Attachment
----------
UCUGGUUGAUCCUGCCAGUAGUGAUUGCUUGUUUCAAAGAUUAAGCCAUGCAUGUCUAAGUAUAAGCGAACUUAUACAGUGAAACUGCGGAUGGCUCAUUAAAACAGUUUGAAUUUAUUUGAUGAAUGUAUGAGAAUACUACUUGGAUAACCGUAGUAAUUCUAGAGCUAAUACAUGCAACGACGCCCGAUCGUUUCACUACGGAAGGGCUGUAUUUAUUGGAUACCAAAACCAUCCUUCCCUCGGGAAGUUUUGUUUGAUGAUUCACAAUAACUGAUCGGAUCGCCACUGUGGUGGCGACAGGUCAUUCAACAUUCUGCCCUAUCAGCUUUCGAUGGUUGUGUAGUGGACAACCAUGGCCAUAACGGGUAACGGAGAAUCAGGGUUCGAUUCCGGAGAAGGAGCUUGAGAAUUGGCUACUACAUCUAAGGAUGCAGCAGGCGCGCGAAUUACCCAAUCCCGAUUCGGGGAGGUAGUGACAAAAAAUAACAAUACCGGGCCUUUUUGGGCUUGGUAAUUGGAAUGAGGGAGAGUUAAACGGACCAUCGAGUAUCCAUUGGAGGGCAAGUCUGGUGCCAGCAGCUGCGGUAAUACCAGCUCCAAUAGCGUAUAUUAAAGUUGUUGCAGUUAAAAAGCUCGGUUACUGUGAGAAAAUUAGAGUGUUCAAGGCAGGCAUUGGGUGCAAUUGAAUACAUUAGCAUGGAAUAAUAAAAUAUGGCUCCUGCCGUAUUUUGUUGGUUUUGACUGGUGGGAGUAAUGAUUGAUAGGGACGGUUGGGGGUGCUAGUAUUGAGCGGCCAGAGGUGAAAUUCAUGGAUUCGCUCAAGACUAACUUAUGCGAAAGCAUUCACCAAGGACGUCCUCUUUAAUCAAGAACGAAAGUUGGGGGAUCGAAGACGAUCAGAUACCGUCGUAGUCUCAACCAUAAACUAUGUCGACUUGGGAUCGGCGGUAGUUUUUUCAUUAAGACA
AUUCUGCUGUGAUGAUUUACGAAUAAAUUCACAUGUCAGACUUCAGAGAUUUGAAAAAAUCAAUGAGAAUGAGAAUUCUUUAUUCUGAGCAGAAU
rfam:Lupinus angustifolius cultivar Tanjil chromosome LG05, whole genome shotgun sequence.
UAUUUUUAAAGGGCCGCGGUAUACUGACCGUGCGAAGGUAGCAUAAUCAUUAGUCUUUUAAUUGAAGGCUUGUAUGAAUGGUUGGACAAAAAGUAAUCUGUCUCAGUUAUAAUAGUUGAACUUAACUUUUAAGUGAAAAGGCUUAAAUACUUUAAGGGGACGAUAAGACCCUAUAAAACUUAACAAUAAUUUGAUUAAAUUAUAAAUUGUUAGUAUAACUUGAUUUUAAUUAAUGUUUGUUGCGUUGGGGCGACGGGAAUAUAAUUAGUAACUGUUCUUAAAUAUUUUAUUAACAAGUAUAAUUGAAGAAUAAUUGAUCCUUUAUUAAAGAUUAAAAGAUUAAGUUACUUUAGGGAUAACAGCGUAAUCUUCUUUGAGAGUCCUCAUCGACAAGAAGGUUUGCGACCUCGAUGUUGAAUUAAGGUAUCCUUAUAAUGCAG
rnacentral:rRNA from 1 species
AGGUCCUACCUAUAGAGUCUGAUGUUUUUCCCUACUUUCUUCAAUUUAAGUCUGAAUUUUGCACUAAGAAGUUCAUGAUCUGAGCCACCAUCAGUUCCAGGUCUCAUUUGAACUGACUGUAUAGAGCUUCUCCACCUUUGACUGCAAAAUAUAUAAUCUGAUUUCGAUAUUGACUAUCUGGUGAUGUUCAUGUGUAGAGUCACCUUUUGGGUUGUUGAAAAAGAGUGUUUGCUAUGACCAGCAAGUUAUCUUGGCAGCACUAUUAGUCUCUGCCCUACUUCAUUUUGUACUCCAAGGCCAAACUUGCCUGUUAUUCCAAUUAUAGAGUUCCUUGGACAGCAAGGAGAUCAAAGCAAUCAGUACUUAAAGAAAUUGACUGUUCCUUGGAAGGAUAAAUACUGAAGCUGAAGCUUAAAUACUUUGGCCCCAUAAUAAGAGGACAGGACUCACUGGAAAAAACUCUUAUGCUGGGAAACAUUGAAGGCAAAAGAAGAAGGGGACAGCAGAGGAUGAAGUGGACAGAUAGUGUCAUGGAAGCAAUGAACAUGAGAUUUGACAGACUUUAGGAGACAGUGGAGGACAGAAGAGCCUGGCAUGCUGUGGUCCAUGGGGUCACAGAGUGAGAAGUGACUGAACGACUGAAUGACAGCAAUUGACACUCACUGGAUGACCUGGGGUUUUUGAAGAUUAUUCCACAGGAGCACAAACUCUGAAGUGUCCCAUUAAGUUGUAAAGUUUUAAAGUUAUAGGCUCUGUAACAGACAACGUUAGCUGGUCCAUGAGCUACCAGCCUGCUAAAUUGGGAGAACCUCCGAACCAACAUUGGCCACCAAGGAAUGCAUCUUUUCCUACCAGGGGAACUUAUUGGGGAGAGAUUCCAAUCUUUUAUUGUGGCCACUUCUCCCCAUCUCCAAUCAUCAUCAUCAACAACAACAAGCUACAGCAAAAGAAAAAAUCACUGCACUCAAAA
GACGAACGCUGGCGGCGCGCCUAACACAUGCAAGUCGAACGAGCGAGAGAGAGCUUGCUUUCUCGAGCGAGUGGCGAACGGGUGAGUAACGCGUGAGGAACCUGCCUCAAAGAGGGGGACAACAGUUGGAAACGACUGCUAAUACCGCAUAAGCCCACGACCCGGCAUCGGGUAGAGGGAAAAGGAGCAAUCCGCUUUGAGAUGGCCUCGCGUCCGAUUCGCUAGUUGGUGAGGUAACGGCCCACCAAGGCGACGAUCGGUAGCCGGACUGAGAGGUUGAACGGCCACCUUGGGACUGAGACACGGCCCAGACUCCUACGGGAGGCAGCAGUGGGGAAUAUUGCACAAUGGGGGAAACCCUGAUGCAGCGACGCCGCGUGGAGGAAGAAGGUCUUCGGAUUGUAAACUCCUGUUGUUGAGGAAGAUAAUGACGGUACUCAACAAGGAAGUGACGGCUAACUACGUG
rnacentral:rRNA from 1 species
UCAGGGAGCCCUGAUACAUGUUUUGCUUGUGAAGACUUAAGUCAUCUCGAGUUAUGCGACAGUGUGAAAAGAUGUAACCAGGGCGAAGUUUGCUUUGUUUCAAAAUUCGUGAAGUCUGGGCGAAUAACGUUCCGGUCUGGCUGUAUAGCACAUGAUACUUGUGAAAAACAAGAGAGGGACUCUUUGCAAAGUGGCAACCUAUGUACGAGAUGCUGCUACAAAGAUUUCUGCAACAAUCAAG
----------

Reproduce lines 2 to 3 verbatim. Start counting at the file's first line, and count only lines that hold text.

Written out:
AUUCUGCUGUGAUGAUUUACGAAUAAAUUCACAUGUCAGACUUCAGAGAUUUGAAAAAAUCAAUGAGAAUGAGAAUUCUUUAUUCUGAGCAGAAU
rfam:Lupinus angustifolius cultivar Tanjil chromosome LG05, whole genome shotgun sequence.